#10 Oxer 1.51m/1.65m or 5/5ft followed #9 in straight line with a distance 30m or 98.3ft and gravity took three poles to the floor.

#11 Vertical 1.61m or 5.3ft came from #10 in a straight line with a distance of 26.5m or 64.9ft and was the second of the two jumps not faulted tonight.

#12 Oxer 1.55/1.40m or 5.1/4.6ft came on the left rein from #11 and was away from the in-gate. The poles at this jump fell from grace five times.

#13a Vertical 1.50m or 5ft followed #12 on a soft bending line on the right rein with a distance of 26.50m or 84.6ft and met mother earth four times.

#13b Oxer 1.50/1.65m or 5/5.4ft comes from #13a with a distance of 8m or 26.3ft and kissed mother earth six times and we also had one refusal.

#14 Oxer 1.52/1.75m or 5/5.7ft came behind #13b in a straight line with a distance of 22.80m or 74.9ft and showed a recorded refusal, but really it was just a circle to regroup. This was the last fence in the first round and it also finished the evening for five riders. I believe that two of those five rides had their only faults at the last fence. That ends the first round of the $401,000 Fidelity Investments CSI 5* Grand Prix.

The final results of the first round will show that nine riders would go forward to the jump off. There was one ride that was clear over the jumps but had one time fault. There were eight rounds of 4 faults, two with 5 faults and three with 8 faults. The rest will compete another day. My evaluation of the course Saturday evening is that we were treated to an excellent 5* grand prix and I expected nothing less from course designer Alan Wade (IRE). There were only two jumps that remained in the yellow cups and both were verticals. The seeding did not factor in the results in that there were three clears in the first cut, two in the second cut and four in the final cut. This helped the spectators enjoy and remain in their seats for the first round.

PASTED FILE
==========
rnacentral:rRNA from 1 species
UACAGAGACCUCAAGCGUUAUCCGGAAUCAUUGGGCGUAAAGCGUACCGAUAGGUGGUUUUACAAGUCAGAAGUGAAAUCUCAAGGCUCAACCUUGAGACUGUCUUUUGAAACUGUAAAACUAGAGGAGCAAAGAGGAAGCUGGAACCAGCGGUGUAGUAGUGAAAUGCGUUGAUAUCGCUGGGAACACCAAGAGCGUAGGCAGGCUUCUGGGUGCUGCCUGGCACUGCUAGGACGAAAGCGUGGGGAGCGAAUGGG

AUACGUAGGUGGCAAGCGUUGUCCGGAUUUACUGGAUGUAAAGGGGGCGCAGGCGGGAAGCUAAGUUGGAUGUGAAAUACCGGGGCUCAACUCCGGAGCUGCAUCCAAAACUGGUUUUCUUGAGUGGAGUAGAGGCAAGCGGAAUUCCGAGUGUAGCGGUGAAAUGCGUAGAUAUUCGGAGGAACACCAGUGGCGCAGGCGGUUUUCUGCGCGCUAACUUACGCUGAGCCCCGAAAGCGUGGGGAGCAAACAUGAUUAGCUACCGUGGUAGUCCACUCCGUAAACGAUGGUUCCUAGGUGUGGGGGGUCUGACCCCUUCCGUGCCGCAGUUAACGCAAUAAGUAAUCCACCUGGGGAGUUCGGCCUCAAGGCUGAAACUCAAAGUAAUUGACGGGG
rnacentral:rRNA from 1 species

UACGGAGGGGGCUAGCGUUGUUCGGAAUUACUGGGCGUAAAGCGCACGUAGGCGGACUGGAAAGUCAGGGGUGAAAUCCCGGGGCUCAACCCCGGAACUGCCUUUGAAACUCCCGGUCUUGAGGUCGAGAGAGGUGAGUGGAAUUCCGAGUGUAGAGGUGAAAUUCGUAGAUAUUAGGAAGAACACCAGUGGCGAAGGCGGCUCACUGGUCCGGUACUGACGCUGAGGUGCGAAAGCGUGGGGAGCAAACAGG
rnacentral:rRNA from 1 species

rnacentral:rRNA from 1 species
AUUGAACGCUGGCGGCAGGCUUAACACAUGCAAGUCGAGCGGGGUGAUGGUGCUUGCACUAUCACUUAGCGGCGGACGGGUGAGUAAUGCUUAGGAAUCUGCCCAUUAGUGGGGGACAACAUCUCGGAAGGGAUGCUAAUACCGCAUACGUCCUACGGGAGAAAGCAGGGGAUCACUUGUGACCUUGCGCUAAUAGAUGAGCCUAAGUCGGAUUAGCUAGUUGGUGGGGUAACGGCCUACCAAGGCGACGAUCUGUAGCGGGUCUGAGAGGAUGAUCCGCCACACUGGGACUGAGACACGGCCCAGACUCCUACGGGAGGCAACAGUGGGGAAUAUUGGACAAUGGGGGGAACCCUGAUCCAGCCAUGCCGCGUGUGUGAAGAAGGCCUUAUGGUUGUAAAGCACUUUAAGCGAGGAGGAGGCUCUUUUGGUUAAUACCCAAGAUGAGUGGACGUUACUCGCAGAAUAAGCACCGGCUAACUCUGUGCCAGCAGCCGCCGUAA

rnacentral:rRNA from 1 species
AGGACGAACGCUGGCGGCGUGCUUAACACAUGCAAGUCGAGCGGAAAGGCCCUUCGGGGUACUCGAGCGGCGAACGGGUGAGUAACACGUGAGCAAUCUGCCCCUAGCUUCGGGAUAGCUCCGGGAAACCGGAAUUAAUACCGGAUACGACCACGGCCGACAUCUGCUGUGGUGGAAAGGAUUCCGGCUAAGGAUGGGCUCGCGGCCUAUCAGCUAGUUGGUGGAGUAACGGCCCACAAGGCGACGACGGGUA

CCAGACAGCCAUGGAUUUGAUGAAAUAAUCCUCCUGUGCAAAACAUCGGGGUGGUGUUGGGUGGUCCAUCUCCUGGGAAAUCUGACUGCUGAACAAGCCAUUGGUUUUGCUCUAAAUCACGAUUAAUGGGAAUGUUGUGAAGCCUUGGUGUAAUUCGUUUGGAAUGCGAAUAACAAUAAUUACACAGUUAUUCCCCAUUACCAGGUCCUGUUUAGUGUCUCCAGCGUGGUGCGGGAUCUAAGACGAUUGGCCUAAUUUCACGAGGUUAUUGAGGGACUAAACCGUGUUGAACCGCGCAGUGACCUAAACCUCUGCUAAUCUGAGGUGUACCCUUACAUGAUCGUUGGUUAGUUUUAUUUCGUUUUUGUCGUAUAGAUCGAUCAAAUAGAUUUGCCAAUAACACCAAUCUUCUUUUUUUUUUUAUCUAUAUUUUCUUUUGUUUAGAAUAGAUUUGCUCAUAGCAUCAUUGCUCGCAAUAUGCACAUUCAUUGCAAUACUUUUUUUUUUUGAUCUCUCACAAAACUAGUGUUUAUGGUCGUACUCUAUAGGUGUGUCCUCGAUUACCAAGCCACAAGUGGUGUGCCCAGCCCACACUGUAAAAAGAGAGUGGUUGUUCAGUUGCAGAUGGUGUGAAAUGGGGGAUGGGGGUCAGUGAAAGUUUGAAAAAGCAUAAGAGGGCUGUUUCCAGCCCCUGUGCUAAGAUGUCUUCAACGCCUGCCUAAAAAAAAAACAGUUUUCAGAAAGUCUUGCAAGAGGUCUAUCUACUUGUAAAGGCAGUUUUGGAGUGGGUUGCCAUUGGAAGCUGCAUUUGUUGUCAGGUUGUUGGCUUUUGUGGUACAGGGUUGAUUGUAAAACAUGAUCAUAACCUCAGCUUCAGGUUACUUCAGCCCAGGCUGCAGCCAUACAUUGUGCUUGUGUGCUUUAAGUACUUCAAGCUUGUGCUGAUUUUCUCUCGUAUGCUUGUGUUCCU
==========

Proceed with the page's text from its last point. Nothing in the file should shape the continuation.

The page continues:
The triple combination was early in the course and employed scope with A and B being oxers. I have said that I believe that when the triple is early in the course that with the horses fresh it will be less of a problem than when the horses are tired and it comes late in the course. The triple tonight saw only five rails in total. The open water (4m or 13ft) was the bogey fence tonight with ten toes in the tub. There were a couple of rides that showed some hesitation on the part of the horse and they did not achieve the strong stride at takeoff and therefore there were faults at the water. I know that it is only my opinion, but most of the faults at the water came from bad rides to the water. It would help if the water was given with a pole over it and an option beside if from week 1 and not just on the grass (1 week) where it remained fault free in that class and was less than 4m (13ft).

The water jump is a major problem in the USA. Some trainers and riders put pressure on show management to not use it ever. There is a need it more often, but when used it could be used in a better way. Sometimes we don’t see it for the first half of the season and then after that we see it too often. Young horses need to learn how to jump the open water and also young riders. The open water has always been a focal point for many riders and especially trainers and one answer is that today you can purchase the same jump that is used in many competitions and train at home with your horses and your future team riders.

It is with serious sadness that this is the final walk for me and Course Discourse this season because I am going home. I have been here for three months by myself without my wife Sandi and the dogs (my best friend “Doc” will not be there to welcome me home, but I do not wish to be on my own for another month). I want to thank the readers of Course Discourse and Phelps Media for their support over the years and I promise to be back next season for the full 12 weeks of WEF 2022. Thank you all for your support and I remain Dave Ballard.